By George Herbert (1593-1633)

Sweet Peace, where dost thou dwell? I humbly crave,

Let me once know.

I sought thee in a secret cave,

And asked, if Peace were there,

A hollow wind did seem to answer, No:

Go seek elsewhere.

I did; and going did a rainbow note:

Surely, thought I,

This is the lace of Peace’s coat:

I will search out the matter.

But while I looked the clouds immediately

Did break and scatter.

Then went I to a garden and did spy

A gallant flower,

The crown-imperial: Sure, said I,

Peace at the root must dwell.

But when I digged, I saw a worm devour

What showed so well.

At length I met a rev’rend good old man;

Whom when for Peace

I did demand, he thus began:

There was a Prince of old

At Salem dwelt, who lived with good increase

Of flock and fold.

He sweetly lived; yet sweetness did not save

His life from foes.

But after death out of his grave

There sprang twelve stalks of wheat;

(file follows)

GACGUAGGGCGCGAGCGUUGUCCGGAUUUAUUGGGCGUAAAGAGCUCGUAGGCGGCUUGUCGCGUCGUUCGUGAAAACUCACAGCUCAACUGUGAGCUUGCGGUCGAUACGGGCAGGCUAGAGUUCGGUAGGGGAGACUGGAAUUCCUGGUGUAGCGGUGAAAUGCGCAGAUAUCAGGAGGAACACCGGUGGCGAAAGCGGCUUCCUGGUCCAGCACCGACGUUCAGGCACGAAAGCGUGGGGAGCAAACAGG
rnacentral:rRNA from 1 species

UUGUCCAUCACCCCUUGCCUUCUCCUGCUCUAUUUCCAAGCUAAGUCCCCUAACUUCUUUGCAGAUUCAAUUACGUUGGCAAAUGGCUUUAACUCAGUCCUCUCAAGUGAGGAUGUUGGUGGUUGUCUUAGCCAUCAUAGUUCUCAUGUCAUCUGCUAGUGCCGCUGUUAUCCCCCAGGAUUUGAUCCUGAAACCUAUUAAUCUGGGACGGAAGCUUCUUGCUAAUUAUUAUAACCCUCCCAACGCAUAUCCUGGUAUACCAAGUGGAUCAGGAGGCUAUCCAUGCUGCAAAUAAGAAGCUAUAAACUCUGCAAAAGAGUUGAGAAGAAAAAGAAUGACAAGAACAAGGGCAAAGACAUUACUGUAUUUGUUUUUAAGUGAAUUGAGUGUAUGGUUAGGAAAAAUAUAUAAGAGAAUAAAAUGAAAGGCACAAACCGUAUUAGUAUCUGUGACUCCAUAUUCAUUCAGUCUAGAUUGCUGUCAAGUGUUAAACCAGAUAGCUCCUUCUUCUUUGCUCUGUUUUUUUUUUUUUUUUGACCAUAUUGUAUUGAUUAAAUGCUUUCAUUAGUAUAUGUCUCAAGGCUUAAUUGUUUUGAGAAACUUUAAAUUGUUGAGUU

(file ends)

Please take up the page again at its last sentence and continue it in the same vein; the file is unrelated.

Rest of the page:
Which many wond’ring at, got some of those

To plant and set.

It prospered strangely, and did soon disperse

Through all the earth:

For they that taste it do rehearse

That virtue lies therein;

A secret virtue, bringing peace and mirth

By flight of sin.

Take of this grain, which in my garden grows,

And grows for you;

Make bread of it: and that repose,

And peace, which ev’ry where

With so much earnestness you do pursue

Is only there.

Published by Robin

I'm a retired journalist who still has stories to tell. This seems to be a good place to tell them.

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